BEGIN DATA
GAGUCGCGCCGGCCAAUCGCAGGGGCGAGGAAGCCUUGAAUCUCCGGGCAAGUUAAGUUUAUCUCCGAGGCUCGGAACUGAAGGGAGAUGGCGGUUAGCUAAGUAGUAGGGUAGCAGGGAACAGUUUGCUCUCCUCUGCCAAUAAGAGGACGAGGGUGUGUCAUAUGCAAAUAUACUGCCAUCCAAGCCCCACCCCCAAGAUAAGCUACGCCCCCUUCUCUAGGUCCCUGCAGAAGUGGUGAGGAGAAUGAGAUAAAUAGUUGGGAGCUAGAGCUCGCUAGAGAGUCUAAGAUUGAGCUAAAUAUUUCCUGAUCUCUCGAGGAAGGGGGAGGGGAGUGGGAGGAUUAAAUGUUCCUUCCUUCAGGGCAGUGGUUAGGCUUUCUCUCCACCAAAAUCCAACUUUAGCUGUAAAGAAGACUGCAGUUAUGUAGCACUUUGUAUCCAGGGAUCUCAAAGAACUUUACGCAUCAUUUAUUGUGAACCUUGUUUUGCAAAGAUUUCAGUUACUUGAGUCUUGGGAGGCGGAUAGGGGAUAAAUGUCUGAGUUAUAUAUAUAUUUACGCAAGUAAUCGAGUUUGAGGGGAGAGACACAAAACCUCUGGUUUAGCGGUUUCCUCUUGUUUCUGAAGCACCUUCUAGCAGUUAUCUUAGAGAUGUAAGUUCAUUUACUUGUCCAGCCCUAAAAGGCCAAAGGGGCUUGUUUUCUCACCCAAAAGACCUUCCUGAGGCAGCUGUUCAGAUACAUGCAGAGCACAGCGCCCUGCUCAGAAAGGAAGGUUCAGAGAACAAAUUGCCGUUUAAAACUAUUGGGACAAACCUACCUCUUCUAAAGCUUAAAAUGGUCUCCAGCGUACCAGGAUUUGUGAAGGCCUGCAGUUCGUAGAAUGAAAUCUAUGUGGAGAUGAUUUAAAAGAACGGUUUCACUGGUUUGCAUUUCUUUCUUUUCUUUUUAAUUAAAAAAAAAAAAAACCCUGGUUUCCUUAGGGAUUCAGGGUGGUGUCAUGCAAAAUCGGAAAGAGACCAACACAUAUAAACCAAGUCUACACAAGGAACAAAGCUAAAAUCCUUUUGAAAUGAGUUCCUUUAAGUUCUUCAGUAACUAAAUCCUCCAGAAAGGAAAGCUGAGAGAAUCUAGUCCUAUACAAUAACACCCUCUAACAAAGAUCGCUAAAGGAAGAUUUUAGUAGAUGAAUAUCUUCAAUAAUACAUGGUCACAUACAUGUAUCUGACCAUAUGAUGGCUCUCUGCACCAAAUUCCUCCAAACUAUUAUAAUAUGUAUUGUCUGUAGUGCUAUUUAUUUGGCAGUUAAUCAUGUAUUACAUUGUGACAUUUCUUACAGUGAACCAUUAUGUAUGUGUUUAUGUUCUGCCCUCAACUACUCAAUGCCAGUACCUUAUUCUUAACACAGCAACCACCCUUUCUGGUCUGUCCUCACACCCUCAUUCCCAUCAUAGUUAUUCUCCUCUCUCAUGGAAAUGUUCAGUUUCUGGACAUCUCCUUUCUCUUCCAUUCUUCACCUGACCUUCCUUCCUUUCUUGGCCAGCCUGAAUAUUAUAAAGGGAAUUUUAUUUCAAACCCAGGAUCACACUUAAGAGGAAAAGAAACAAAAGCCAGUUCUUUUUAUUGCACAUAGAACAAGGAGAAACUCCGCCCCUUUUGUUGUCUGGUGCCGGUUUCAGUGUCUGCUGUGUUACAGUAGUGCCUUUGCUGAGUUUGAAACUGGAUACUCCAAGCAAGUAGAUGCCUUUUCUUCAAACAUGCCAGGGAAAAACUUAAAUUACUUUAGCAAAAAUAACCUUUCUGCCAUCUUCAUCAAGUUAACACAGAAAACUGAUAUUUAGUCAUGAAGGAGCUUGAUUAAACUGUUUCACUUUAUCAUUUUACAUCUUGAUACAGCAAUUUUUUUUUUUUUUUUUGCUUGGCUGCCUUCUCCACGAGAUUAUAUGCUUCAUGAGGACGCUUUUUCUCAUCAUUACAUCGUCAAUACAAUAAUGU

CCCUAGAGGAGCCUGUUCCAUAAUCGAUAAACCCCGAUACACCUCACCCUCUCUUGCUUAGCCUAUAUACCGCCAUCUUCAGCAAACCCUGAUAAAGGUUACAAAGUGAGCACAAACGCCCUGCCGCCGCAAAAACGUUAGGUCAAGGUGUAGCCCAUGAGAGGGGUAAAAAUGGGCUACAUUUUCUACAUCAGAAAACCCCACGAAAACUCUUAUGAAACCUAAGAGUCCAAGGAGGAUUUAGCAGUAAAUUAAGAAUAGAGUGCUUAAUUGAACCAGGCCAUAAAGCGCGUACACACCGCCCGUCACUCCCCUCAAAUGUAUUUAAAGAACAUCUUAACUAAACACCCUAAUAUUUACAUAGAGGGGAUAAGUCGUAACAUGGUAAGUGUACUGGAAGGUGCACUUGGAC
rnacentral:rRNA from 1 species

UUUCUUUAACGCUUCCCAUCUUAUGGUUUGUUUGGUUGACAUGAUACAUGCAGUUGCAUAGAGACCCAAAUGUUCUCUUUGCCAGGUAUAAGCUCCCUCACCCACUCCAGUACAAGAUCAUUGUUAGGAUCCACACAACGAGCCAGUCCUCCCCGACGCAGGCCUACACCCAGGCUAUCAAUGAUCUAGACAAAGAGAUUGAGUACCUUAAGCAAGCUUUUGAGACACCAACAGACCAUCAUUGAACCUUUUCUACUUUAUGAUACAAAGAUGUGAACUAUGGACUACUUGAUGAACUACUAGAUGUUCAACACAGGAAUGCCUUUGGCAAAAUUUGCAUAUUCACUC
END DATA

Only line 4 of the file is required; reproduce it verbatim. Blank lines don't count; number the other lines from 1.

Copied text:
UUUCUUUAACGCUUCCCAUCUUAUGGUUUGUUUGGUUGACAUGAUACAUGCAGUUGCAUAGAGACCCAAAUGUUCUCUUUGCCAGGUAUAAGCUCCCUCACCCACUCCAGUACAAGAUCAUUGUUAGGAUCCACACAACGAGCCAGUCCUCCCCGACGCAGGCCUACACCCAGGCUAUCAAUGAUCUAGACAAAGAGAUUGAGUACCUUAAGCAAGCUUUUGAGACACCAACAGACCAUCAUUGAACCUUUUCUACUUUAUGAUACAAAGAUGUGAACUAUGGACUACUUGAUGAACUACUAGAUGUUCAACACAGGAAUGCCUUUGGCAAAAUUUGCAUAUUCACUC